Aadi Mahotsav: Explore tribal arts, crafts, music, dance like never before!

Over 480 tribal artisans from over 25 States will be participating in Aadi Mahotsav from tomorrow at Delhi Haat, New Delhi

Aadi Mahotsav: Explore tribal arts, crafts, music, dance like never before!

Delhi Haat is going to host ‘Aadi Mahotsav’, a celebration of the spirit of tribal culture, cuisine and commerce, from November 16, 2017 to November 30, 2017. Ministry of Tribal Affairs along with Tribal Cooperative Marketing Development Federation (TRIFED) will jointly organised the Fair.

Informing about the Fair, Leena Nair, Secretary, Ministry of Tribal Affairs, in a curtain raiser press conference in New Delhi, said, “The festival will feature exhibition-cum-sale of tribal handicrafts, art, paintings, fabric, jewellery and much more through 160 stalls. In line with the national aspiration to go cashless, for the first time the tribal merchandise stalls will be accepting payment through major credit and debit cards.

Over 480 tribal artisans from over 25 States will be participating in the festival. A special feature of the festival is Tribal India cuisine, recreated and presented in delectable forms to suit urban tastes by special tribal chefs. Further, tribal music and dance will be showcased at the venue every evening from 6.30 PM to 8.30 PM. Nearly 250 artists from 20 States are expected to perform during the festival, the top bureaucrat said.  

MSP for MFP Scheme
Minor Forest Produce (MFP) is a major source of livelihood for tribals who belong to the poorest of the poor section of society. The importance of MFPs for this section of the society can be gauged from the fact that around 100 million forest dwellers depend on MFPs for food, shelter, medicines and income. It provides them critical subsistence during the lean seasons, particularly for primitive tribal groups such as hunter gatherers, and the landless. Tribals derive 20-40% of their annual income from MFPs .This activity has strong linkage to women’s financial empowerment as most of the MFPs are collected and sold by women. MFP sector has the potential to create about 10 million workdays annually in the country.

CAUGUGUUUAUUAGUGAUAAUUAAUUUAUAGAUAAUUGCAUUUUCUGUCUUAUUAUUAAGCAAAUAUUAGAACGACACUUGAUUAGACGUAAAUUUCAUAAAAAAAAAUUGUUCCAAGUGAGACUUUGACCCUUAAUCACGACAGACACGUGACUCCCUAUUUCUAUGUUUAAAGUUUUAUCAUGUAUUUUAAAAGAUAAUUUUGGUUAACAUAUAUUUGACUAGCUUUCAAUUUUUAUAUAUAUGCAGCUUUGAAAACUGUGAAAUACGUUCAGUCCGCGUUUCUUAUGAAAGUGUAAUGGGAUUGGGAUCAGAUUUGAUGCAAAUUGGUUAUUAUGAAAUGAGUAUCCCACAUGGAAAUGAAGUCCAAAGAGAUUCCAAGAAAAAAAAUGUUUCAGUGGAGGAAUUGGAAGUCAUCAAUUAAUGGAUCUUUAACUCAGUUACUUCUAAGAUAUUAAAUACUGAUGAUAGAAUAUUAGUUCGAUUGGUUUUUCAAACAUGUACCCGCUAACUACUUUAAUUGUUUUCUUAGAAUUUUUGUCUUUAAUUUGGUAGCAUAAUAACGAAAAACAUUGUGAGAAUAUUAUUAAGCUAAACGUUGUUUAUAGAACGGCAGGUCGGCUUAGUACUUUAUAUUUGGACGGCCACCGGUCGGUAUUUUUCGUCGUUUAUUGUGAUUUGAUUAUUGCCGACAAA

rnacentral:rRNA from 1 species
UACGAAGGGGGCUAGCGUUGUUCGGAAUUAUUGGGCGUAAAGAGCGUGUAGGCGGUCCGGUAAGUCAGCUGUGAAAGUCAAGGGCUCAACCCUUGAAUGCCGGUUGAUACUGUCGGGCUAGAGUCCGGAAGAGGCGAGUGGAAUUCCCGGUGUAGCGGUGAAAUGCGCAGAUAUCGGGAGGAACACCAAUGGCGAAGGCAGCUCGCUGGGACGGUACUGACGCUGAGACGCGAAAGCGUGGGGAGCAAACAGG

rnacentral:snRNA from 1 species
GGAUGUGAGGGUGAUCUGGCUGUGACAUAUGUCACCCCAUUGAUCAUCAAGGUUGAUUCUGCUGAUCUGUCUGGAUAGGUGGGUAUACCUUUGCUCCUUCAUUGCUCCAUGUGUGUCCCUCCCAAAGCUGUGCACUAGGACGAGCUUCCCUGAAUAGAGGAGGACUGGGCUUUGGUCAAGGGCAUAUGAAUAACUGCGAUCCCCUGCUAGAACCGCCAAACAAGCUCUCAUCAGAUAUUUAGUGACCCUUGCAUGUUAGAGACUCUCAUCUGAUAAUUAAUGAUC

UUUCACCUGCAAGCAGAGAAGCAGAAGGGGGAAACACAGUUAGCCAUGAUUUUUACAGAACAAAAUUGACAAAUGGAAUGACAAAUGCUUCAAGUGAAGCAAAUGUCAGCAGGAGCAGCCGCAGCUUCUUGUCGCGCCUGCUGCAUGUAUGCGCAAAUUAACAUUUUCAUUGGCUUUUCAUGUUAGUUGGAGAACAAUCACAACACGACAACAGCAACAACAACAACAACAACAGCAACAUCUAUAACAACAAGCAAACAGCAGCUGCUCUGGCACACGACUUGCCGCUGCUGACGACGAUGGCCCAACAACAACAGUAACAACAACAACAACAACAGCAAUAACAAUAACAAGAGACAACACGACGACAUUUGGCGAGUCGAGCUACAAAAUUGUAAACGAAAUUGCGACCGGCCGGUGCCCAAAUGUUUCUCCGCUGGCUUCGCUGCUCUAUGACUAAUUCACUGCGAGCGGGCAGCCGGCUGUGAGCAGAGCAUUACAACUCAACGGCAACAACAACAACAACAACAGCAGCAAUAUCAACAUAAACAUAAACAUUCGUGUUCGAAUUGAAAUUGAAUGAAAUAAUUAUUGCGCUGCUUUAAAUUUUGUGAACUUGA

Government of India has taken a number of initiatives for socio-economic development of tribals like introduction Forest Rights Act, 2006 (Section- 3), PESA Act, 1996 (Section -4), and has been implementing schemes for development of MFP by providing financial support to State TDCCs and TRIFED for market development of MFPs. Recognising the critical importance which MFPs hold for tribals and the potential to generate large scale employment opportunities empowering the tribals, Government of India introduced a scheme for providing fair price for the MFP collected by tribals through Minimum Support Price (MSP).
The scheme was ready for implementation in March 2014 after a series of studies conducted by the Planning Commission since 2007 (Haque Committee & Sudha Pillai Committee) the recommendation of which supports providing support price to MFP gatherers, enhance their income level and ensure sustainable harvesting of MFPs. The MSP scheme seeks to establish a framework to ensure fair prices for the produce collected by them, assurance of buying at a particular price, primary processing, storage, transportation among other facilities while ensuring sustainability of the resource base. The scheme is applicable for implementation in all the States across India.  

The focus is on setting up the basic infrastructure at the village Haat Bazzar where the tribals bring their forest produce on head loads. Due emphasis is to be given to primary value addition at the village level and secondary and tertiary value addition in PPP mode at the next level.

TRIFED an organisation under the Ministry of Tribal Affairs, is engaged in marketing development of tribal products including tribal arts & crafts under the brand name “Tribes India”. The main mandate of TRIFED is capability enhancement of the tribals, promotion of tribal products and creation of marketing opportunities for the tribals with a view to ensuring them fair prices for their products and augmenting their income on sustainable basis.  
“Tribes India” showrooms offer a range of tribal products of different parts of the country, which include metal craft, tribal textiles, jewellery, tribal paintings, cane & bamboo, pottery, gifts and novelties, organic and natural products sourced from tribals at their places of habitats.

From a single store in 1999 at Delhi, now TRIFED has established a chain of 42 retail outlets out of which 29 are its own outlets across India besides tie-ups with as many as 13 State level Emporiums. The idea is to provide opportunities to the tribal artisans of the country to market their products on a sustained basis. TRIFED plans to expand this network to other cities as well, so as to provide a larger market for tribal products. 

The Changing Face of Rural India